A tattoo shop on Hamilton’s Mountain that the city says failed to close under the province’s stay-at-home orders issued in early April has now been shut down by the province.
Emergency operations centre (EOC) director Paul Johnson says an application made by city legal teams to the ministry of the attorney general to close Kryptonian Ink came into effect on Monday.
“I am pleased that our folks have worked to make sure that there is going to be compliance from this business because it simply isn’t fair for businesses to skirt the rules and to remain open,” Johnson said.
For about a month and a half, the Concession Street shop received numerous visits from city bylaw officers and Hamilton police for staying open despite the province’s COVID-19 lockdown on personal care services.
Johnson said the probe into the tattoo shop was the longest ongoing issue from a municipal law enforcement perspective amid the pandemic and that there was no “gray area” allowing it to operate.
“In this case, it is clearly a business that cannot be opened. There is no wiggle room here,” Johnson said.
The EOC boss says the city reached out to the province after Hamiltion officials exhausted all local enforcement measures to shut the business.
“Clearly, this business was not going to reflect on why they should close again and wait for the legal reopening under the Reopening Ontario Act,” Johnson said.
“And so we just felt it was time to request that the ministry of the attorney general step in.”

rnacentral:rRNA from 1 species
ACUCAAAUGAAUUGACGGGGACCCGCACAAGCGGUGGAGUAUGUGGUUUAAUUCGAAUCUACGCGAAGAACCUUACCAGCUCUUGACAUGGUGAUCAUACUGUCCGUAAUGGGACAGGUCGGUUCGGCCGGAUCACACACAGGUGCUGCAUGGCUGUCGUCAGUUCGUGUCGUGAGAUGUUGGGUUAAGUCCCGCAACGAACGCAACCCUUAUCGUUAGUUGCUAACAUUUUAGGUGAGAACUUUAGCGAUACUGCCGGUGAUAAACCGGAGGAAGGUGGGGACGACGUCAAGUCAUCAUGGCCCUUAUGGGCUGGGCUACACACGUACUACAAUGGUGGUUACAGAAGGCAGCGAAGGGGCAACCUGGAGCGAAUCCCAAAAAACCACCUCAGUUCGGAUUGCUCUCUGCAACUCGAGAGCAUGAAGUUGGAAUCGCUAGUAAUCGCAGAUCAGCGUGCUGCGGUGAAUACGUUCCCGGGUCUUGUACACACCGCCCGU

In a Facebook post on Friday, Kryptonian Ink owner Stephen Stacey was resigned to fact that he would not be able to keep his shop open and said he was moving forward to fight the injunction.
“I have now moved forward to contest these orders and will be battling our government with my last breath,” Stacey said.
“So for now, the shop will be temporarily closed until we get through this litigation.”
Stacey says he will be opening a GoFundMe account to pay for his legal expenses, saying he truly believes his rights have been infringed upon.
He told Global News in April that after closing down twice to comply with previous provincial orders amid the pandemic, the father of three said he simply couldn’t afford to do it again.
The owner said the year-long pandemic crushed his business, which he says is down 40 to 50 per cent compared with pre-pandemic levels. He added that his operation had issues qualifying for programs like the Canada emergency wage subsidy (CEWS).
He also argued his shop was safer than some larger grocery and box stores since he has a smaller base of customers in his shop at a given time.
Under the current provincial orders, personal care services like tattoo shops, hair salons and spas are not allowed to operate and will still not be able to reopen when the province eases some restrictions on Friday.View link »